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Posted: February 22, 2017

Court Erred in Vacating Undertaking Before Determining Damages Suffered From TRO

On February 16, 2017, the First Department issued a decision in Canales v. Finger, 2017 NY Slip Op. 01266, holding that it was error to vacate an undertaking before determining whether the defendants were damaged by entry of a temporary restraining order and ordering that the undertaking be posted again, explaining:

[T]he court erred in vacating the undertaking when it denied the preliminary injunction and dissolved the TRO. The purpose of the undertaking is to provide a source of recovery to the nonmovant for damages suffered from the pendency of the restraint. As such, the undertaking should be reinstated, in the amount of $250,000, pending a determination of defendants’ damages, if any, from the pendency of the TRO. Here, the court allowed plaintiff to use his personal condominium, which was co-owned with another person, as security. As defendants correctly note, if they established damages from the TRO and wanted to collect, they would have to foreclose on any lien that was filed, and bring another proceeding against plaintiff and the co-owner to force the sale of the real property. This defeats the purpose of the undertaking here, where the TRO has been vacated. Thus, under these circumstances, the undertaking of $250,000, shall be from a third-party surety, or funds placed in an escrow account. The undertaking, in this form, shall be posted within 15 days of the date of this order.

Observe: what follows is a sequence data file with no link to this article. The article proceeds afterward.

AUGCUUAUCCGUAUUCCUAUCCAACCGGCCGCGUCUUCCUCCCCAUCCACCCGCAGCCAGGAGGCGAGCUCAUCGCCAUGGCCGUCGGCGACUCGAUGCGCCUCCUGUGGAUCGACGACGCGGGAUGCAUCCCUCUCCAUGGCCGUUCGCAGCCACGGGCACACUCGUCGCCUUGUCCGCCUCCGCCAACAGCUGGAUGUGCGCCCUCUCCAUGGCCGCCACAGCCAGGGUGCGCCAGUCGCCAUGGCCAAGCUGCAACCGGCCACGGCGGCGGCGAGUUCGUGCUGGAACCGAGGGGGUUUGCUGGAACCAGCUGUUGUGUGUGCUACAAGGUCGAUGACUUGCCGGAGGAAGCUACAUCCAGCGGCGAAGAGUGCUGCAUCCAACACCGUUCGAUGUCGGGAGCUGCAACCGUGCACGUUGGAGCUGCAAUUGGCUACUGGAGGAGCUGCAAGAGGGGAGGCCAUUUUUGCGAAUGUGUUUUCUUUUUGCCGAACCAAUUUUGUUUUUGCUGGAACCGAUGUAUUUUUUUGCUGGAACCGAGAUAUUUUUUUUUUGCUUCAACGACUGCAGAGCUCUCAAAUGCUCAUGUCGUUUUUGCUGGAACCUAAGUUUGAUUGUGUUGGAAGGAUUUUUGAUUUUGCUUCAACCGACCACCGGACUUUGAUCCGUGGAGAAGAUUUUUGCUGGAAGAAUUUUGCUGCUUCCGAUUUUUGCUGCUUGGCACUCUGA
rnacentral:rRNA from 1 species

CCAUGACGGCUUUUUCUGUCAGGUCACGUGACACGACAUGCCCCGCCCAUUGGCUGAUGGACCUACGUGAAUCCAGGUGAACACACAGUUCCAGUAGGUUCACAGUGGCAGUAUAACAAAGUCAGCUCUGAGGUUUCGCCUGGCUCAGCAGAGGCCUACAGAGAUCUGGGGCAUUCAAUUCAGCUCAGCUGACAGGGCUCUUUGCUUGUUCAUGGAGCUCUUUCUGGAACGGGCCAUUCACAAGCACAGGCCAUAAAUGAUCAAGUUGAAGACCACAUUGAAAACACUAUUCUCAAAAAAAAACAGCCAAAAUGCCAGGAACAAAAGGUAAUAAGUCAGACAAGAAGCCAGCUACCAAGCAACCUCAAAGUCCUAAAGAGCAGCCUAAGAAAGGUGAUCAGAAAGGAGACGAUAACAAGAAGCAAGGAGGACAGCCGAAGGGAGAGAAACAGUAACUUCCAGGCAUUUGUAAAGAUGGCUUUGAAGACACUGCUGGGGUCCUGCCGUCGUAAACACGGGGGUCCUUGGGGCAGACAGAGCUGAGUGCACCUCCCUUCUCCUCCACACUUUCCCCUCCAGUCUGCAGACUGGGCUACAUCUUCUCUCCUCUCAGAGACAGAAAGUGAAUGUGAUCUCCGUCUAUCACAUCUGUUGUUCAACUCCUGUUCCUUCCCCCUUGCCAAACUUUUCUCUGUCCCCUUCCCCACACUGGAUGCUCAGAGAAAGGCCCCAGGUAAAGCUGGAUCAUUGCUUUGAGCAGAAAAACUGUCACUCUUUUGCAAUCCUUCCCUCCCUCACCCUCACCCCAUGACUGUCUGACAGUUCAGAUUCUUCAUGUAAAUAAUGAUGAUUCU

(Internal citation omitted).

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